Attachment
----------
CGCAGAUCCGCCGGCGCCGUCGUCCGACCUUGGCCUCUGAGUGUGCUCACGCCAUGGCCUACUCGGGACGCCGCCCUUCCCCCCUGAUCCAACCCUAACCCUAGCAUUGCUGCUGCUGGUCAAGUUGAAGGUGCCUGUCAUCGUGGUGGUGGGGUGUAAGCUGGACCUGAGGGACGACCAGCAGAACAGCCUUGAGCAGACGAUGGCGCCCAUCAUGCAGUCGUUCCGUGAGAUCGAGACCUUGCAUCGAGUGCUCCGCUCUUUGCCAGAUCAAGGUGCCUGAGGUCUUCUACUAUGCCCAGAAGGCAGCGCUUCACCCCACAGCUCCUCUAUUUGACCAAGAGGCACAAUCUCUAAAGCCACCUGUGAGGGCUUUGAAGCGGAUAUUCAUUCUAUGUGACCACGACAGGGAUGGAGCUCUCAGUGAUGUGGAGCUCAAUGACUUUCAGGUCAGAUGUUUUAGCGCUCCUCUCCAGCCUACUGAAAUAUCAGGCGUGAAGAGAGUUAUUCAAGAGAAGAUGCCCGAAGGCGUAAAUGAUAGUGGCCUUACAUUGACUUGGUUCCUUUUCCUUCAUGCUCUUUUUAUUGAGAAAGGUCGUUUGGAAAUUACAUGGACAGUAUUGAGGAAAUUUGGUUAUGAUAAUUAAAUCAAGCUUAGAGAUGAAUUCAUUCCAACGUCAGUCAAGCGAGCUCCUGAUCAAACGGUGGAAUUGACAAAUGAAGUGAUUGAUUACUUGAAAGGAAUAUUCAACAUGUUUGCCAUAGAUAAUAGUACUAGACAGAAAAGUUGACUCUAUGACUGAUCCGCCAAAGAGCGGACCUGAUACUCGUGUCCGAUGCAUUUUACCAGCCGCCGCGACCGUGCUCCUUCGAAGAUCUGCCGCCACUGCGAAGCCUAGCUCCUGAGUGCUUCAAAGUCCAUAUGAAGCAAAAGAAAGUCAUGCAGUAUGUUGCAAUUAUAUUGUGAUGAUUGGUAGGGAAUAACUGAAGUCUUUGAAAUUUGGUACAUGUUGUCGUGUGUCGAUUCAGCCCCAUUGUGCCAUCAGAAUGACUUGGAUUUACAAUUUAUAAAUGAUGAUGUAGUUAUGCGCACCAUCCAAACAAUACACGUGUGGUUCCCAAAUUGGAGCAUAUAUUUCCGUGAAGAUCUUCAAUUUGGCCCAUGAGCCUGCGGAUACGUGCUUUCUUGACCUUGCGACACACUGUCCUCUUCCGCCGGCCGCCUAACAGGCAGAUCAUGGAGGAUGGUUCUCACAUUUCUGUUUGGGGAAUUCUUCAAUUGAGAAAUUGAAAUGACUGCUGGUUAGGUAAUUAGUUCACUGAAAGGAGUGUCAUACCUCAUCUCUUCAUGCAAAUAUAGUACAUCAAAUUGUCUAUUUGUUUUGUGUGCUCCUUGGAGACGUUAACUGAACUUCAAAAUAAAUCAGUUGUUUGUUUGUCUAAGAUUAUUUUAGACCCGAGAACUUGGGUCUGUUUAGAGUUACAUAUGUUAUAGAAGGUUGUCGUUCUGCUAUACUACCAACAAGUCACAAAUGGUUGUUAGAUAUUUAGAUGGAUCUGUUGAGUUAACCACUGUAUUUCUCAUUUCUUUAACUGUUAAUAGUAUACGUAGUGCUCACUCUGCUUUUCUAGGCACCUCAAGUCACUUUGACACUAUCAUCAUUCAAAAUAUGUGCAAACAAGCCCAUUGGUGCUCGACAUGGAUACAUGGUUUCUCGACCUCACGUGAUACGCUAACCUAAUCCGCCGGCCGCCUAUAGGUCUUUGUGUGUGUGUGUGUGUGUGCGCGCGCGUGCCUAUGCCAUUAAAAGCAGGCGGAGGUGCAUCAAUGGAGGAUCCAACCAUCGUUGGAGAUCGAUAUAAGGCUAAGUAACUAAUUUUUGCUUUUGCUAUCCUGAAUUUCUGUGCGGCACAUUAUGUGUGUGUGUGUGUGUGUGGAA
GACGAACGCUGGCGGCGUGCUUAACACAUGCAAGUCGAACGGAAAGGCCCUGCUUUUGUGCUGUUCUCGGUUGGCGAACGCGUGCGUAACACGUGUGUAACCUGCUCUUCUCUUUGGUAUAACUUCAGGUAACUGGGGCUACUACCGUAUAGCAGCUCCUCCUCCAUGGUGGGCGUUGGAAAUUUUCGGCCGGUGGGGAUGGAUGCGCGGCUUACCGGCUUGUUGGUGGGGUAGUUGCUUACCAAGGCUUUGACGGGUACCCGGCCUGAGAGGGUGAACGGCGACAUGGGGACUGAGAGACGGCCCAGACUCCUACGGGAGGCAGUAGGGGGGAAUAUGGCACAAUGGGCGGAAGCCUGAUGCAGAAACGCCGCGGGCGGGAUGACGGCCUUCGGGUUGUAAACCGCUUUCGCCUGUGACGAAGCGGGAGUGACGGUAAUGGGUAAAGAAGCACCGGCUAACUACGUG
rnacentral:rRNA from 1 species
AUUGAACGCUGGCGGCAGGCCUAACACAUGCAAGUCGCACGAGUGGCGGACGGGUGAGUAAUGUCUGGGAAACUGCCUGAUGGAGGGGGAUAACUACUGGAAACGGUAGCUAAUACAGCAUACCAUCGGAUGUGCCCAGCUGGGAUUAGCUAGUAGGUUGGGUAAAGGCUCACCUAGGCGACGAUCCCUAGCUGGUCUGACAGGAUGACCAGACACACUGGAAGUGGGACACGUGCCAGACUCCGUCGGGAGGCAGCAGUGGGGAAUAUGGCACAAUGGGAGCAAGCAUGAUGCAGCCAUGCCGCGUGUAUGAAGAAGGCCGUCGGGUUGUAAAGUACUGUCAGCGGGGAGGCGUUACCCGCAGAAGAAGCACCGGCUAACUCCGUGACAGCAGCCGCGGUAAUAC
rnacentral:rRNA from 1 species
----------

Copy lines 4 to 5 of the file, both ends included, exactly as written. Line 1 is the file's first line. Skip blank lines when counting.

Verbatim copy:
AUUGAACGCUGGCGGCAGGCCUAACACAUGCAAGUCGCACGAGUGGCGGACGGGUGAGUAAUGUCUGGGAAACUGCCUGAUGGAGGGGGAUAACUACUGGAAACGGUAGCUAAUACAGCAUACCAUCGGAUGUGCCCAGCUGGGAUUAGCUAGUAGGUUGGGUAAAGGCUCACCUAGGCGACGAUCCCUAGCUGGUCUGACAGGAUGACCAGACACACUGGAAGUGGGACACGUGCCAGACUCCGUCGGGAGGCAGCAGUGGGGAAUAUGGCACAAUGGGAGCAAGCAUGAUGCAGCCAUGCCGCGUGUAUGAAGAAGGCCGUCGGGUUGUAAAGUACUGUCAGCGGGGAGGCGUUACCCGCAGAAGAAGCACCGGCUAACUCCGUGACAGCAGCCGCGGUAAUAC
rnacentral:rRNA from 1 species